Last season, Bernie Williams looked like an MVP candidate entering May. Always a slow starter, he finished the first month batting over .350 with great power, slugging over .600. Unfortunately, he injured his knee early in May, and after a long hitless streak, had surgery and missed more than a month of the season.

When he returned, his power was gone, his batting average plummeted, and what looked like it would be his best season ever turned out to be his worst since 1993, his first full season. There was some redemption at the end of October, though, as Bernie hit .400/.429/.720 with two homers in the World Series, and would have been the likely MVP had the Yankees pulled the series out. Though less than three dozen plate appearances, the World Series left the impression that Williams might rebound significantly in 2004.

The acquisition of Kenny Lofton threatened Williams’ job in centerfield, but playing DH regularly would help to keep Williams healthy all season, and help to rejuvenate his bat.

But an emergency appendectomy just as Spring Training was starting robbed Williams of a month of training, denied Lofton the opportunity to compete for the centerfield job, and sapped Williams of much of his strength. When Williams returned to the roster after the Japanese trip, he was put back in the field, his claim on the position further solidified by Lofton’s leg injury soon afterwards.

That Williams is a defensive liability has been apparent for the past two seasons, but his bat has been even more putrid at the start of this season: .167/.286/.200. Williams has always been a poor starter, but this goes to a new extreme.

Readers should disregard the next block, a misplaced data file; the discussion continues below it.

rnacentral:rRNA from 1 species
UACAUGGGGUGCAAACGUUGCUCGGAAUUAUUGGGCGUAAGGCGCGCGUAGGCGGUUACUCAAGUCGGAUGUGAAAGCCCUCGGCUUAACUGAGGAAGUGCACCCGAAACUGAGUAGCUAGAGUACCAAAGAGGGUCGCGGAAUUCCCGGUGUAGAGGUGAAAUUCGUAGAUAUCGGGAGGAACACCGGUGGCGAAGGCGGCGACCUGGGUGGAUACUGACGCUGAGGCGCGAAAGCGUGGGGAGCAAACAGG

Williams is 35 years old, and has struggled through injuries in recent years. Is he washed up? It’s certainly a possibility.

But Williams also missed all of Spring Training and may still be feeling the aftereffects of surgery. Like Sheffield, how valuable he’ll be is an open question, but one that will be more easily answered. His May is likely to give us a better impression of how he’ll do the rest of the season, but it will almost have to be better than what he’s done so far.

Sierra Missed

Joe Torre has a lot of merits as a manager, particularly his ability to handle volatile personalities in the clubhouse, and keep the wrath of George Steinbrenner away from his players. As an in-game strategist, he has many flaws, and many of the moves he makes in game, or in constructing the roster and lineup are highly questionable.